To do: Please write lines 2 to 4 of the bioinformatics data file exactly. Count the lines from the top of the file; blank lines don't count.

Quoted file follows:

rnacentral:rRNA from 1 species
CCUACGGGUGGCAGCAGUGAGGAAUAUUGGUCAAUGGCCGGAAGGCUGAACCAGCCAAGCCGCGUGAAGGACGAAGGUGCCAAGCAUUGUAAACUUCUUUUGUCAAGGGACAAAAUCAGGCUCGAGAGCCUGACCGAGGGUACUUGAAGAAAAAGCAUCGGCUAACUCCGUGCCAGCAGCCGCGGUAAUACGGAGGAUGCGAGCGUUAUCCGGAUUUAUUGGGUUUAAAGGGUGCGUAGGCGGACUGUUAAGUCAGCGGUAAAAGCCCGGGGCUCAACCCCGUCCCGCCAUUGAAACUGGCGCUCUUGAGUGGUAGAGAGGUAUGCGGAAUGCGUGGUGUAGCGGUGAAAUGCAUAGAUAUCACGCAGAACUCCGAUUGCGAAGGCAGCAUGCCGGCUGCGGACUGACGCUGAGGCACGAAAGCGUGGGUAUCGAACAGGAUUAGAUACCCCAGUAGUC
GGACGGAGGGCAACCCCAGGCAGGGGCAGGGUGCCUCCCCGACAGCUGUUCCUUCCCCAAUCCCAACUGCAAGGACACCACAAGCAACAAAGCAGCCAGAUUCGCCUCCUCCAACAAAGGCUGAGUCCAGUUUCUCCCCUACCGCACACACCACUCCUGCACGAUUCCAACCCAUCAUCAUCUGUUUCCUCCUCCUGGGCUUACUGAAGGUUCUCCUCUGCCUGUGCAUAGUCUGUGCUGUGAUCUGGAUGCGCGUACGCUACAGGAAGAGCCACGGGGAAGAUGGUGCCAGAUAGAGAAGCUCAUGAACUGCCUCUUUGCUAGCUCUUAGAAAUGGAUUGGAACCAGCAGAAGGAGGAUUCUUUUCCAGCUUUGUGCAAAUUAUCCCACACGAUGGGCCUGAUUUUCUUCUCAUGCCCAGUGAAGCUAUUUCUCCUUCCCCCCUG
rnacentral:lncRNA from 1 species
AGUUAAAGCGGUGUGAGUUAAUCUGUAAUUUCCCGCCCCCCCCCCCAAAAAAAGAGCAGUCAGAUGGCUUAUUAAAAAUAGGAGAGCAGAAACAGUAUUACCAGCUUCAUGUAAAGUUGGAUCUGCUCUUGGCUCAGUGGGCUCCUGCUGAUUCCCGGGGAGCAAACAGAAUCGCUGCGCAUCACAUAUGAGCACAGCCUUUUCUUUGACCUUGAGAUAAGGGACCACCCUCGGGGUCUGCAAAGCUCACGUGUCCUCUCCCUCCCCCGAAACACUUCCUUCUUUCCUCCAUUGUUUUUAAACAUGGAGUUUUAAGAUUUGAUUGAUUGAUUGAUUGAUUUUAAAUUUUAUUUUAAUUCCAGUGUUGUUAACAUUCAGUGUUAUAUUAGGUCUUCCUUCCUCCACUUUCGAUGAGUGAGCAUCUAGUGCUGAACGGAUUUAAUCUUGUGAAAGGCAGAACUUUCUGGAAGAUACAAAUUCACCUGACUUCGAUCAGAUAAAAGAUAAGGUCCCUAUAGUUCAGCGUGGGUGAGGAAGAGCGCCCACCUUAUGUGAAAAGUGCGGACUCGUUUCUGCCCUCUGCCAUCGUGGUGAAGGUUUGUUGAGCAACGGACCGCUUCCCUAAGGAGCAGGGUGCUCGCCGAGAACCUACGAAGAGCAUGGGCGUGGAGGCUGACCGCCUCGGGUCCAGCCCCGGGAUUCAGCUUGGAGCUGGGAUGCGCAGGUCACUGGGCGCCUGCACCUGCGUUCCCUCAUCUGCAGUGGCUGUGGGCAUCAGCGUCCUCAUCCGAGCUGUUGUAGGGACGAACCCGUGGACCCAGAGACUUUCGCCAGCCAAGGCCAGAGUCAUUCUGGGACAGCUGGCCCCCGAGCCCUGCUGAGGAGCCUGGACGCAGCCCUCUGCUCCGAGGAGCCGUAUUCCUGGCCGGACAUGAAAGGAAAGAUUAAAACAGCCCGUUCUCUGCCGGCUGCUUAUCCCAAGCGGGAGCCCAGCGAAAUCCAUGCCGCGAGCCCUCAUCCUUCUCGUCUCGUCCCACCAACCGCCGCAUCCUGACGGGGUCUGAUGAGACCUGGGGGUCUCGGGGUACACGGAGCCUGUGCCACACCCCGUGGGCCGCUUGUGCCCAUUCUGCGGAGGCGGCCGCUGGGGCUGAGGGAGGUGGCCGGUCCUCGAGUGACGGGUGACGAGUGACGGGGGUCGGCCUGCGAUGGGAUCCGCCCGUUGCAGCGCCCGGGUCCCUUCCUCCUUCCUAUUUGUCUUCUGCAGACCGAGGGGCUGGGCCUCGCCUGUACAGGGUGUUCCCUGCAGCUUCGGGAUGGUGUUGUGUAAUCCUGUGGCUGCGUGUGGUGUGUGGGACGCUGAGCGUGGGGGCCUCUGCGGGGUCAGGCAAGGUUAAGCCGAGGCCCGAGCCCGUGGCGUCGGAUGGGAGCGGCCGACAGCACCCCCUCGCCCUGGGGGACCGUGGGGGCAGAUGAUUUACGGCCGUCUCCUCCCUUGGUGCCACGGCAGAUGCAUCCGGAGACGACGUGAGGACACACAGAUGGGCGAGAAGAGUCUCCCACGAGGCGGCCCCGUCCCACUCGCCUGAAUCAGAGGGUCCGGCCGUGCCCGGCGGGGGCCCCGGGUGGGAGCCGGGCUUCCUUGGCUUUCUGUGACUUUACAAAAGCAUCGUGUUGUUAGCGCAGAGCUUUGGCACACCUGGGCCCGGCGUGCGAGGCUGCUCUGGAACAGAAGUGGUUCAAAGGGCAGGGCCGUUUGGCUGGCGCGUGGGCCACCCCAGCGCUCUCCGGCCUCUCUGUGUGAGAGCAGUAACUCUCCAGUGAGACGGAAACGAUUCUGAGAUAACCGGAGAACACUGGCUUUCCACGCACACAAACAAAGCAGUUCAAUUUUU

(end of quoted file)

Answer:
CCUACGGGUGGCAGCAGUGAGGAAUAUUGGUCAAUGGCCGGAAGGCUGAACCAGCCAAGCCGCGUGAAGGACGAAGGUGCCAAGCAUUGUAAACUUCUUUUGUCAAGGGACAAAAUCAGGCUCGAGAGCCUGACCGAGGGUACUUGAAGAAAAAGCAUCGGCUAACUCCGUGCCAGCAGCCGCGGUAAUACGGAGGAUGCGAGCGUUAUCCGGAUUUAUUGGGUUUAAAGGGUGCGUAGGCGGACUGUUAAGUCAGCGGUAAAAGCCCGGGGCUCAACCCCGUCCCGCCAUUGAAACUGGCGCUCUUGAGUGGUAGAGAGGUAUGCGGAAUGCGUGGUGUAGCGGUGAAAUGCAUAGAUAUCACGCAGAACUCCGAUUGCGAAGGCAGCAUGCCGGCUGCGGACUGACGCUGAGGCACGAAAGCGUGGGUAUCGAACAGGAUUAGAUACCCCAGUAGUC
GGACGGAGGGCAACCCCAGGCAGGGGCAGGGUGCCUCCCCGACAGCUGUUCCUUCCCCAAUCCCAACUGCAAGGACACCACAAGCAACAAAGCAGCCAGAUUCGCCUCCUCCAACAAAGGCUGAGUCCAGUUUCUCCCCUACCGCACACACCACUCCUGCACGAUUCCAACCCAUCAUCAUCUGUUUCCUCCUCCUGGGCUUACUGAAGGUUCUCCUCUGCCUGUGCAUAGUCUGUGCUGUGAUCUGGAUGCGCGUACGCUACAGGAAGAGCCACGGGGAAGAUGGUGCCAGAUAGAGAAGCUCAUGAACUGCCUCUUUGCUAGCUCUUAGAAAUGGAUUGGAACCAGCAGAAGGAGGAUUCUUUUCCAGCUUUGUGCAAAUUAUCCCACACGAUGGGCCUGAUUUUCUUCUCAUGCCCAGUGAAGCUAUUUCUCCUUCCCCCCUG
rnacentral:lncRNA from 1 species